Many see racial bias in health care system
The Kaiser Family Foundation (KFF) and ESPN’s The Undefeated have recently conducted a joint nationwide study that focuses on African Americans’ views and experiences of being Black in America.
The survey examined Blacks’ views of unconscious bias and structural racism; experiences of discrimination within and outside of health care settings; trust in the health care system; the social and economic impacts of the pandemic; and views of a potential coronavirus vaccine.
The poll was conducted August 20 through September 14 in which 1,769 adults were interviewed, including 777 Blacks.
In addition to exploring the effects of the coronavirus, the Undefeated/KFF poll is one of the most expansive studies in recent years on Black people’s attitudes and experiences with health care, and the findings reveal how the experiences of Black and White communities differ.
Despite the disproportionate impact of the virus on Black communities, 49% of African Americans say they will not avail themselves of the vaccine even if it is deemed safe by scientists and/or medical experts and even if it is made available for free to anyone who wants it.
The vast majority of African Americans who said they would not take a coronavirus vaccine did not think that it would be properly tested, distributed fairly or developed with the needs of Black people in mind.
By comparison, two-thirds of Whites surveyed said they would either definitely or probably get vaccinated. And 60% of those with Latin or Hispanic background said they would get vaccinated.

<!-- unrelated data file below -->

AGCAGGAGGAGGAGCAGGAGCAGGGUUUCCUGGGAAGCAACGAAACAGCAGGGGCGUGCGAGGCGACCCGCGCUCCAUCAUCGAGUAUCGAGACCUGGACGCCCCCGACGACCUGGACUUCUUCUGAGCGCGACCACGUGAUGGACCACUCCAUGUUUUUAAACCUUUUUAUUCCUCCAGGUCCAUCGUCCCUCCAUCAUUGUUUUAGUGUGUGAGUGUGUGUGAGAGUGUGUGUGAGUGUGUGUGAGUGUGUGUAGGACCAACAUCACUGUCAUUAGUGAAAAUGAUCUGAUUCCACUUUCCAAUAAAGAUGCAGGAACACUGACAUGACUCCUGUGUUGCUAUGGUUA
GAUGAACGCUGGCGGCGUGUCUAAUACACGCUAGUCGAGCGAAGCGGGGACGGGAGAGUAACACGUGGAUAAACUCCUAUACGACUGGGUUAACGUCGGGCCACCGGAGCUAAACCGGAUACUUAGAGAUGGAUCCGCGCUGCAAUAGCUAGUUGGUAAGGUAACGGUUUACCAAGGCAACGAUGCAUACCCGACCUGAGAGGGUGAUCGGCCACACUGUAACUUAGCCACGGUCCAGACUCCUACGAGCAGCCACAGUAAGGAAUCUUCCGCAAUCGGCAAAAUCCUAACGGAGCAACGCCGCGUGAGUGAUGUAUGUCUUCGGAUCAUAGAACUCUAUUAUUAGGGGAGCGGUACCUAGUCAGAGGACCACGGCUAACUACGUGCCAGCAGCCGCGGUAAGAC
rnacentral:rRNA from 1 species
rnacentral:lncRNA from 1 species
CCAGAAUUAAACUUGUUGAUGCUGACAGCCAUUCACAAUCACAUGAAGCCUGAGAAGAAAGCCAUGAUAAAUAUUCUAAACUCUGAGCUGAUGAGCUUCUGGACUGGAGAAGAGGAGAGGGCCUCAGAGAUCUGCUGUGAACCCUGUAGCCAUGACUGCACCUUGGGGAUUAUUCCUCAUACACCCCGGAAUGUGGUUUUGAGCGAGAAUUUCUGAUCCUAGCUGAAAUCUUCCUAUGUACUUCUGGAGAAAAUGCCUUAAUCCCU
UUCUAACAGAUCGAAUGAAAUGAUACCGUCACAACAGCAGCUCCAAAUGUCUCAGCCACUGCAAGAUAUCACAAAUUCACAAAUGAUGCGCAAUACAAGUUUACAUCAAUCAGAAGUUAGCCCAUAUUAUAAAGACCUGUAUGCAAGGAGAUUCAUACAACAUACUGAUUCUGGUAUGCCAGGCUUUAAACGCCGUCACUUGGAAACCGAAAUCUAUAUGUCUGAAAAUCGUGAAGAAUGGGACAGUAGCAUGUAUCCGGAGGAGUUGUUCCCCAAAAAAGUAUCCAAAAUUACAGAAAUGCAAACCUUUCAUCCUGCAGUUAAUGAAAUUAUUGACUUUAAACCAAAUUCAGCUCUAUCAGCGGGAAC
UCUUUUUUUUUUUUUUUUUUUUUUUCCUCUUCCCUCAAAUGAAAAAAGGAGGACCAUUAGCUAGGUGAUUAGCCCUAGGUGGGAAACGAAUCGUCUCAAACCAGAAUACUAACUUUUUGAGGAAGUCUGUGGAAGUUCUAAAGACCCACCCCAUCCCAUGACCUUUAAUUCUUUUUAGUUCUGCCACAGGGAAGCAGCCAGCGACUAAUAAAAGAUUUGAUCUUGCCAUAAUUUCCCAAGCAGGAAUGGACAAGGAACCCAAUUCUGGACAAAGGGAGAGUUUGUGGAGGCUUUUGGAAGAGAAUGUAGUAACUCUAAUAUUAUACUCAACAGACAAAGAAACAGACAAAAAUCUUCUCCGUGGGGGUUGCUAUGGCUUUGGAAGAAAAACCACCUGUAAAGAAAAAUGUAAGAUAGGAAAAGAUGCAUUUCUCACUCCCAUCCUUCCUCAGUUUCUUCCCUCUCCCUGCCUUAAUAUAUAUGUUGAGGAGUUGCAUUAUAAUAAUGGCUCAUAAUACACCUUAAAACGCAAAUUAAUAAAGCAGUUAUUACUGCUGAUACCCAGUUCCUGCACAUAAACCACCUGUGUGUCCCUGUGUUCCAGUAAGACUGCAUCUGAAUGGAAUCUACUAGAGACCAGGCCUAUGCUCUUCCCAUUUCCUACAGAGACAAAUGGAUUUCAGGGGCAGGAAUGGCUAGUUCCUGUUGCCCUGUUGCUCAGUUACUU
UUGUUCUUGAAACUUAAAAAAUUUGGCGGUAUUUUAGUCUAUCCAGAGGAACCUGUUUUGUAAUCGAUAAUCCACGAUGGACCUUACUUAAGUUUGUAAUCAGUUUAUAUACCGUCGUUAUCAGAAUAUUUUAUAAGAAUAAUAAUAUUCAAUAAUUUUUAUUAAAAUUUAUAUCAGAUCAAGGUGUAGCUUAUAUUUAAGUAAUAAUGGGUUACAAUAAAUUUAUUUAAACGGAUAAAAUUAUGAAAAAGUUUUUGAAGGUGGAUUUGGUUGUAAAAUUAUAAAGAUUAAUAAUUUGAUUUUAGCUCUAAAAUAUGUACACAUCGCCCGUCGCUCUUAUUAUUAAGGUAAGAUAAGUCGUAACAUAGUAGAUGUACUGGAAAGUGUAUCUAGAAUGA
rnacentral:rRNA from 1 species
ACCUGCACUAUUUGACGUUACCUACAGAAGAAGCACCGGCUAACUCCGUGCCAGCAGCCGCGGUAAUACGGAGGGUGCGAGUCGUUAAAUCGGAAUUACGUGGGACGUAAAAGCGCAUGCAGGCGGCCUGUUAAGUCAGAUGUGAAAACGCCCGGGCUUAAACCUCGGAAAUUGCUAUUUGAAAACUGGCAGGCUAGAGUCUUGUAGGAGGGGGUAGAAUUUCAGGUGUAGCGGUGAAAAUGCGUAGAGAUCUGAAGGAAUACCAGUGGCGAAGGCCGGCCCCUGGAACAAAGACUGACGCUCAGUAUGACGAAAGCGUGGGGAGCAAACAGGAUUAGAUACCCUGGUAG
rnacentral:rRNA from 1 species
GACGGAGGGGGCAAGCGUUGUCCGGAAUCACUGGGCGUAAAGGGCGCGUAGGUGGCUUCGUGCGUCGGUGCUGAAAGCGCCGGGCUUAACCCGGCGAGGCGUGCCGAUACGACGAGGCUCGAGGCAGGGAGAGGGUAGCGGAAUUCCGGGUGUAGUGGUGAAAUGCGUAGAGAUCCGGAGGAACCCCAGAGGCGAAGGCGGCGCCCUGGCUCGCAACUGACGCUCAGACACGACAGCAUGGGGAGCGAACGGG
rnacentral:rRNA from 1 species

“We have a centuries-long legacy in this country of basically Black people, in particular, and other people of color, as well, being treated poorly,” said Dr. Lisa A. Cooper, an internist who directs The Johns Hopkins Center for Health Equity in an interview with the Undefeated. “So why should Black people trust any institution? It has gone on for so long.”
The study indicated that Blacks in the U.S. have a deep distrust of the health care system.
Nearly six in 10 African Americans said they trust the nation’s health care system only some or almost none of the time to do what is right for their communities.
The study examined the impact of the COVID-19 on Black households finding that: 39% of Black adults said they know someone who has died from the coronavirus—nearly double the rate for White adults; the pandemic has left one-third of Black adults and nearly half of Black parents struggling to pay their bills, and that two out of three Black parents have either lost jobs or had their incomes interrupted since the pandemic struck in February.
The study also explored the experiences of Blacks in everyday life in the U.S. According to the survey, 58% of Black adults said they had experienced discrimination in just the past year. Twenty-five percent of Black respondents said they were discriminated against when dealing with police in traffic and other incidents. Twenty-eight percent said they experienced racial bias on the job, while 40% said they were treated unfairly while shopping. Yet another 20% shared that they experienced bias while seeking health care.
A large majority of Black Americans cited implicit bias as a major factor, both in preventing racial equality and as an obstacle in their own lives. What might have been the most revealing about where the country stands in the area of race relations is the fact that of the 70% of Blacks surveyed who said they were treated unfairly because of their race saw the discrimination as deliberate.
For more in-depth info about the survey, read the Undefeated story entitled, “New poll shows Black Americans see a racist health care system setting the stage for pandemic’s impact” on TheUndefeated.com.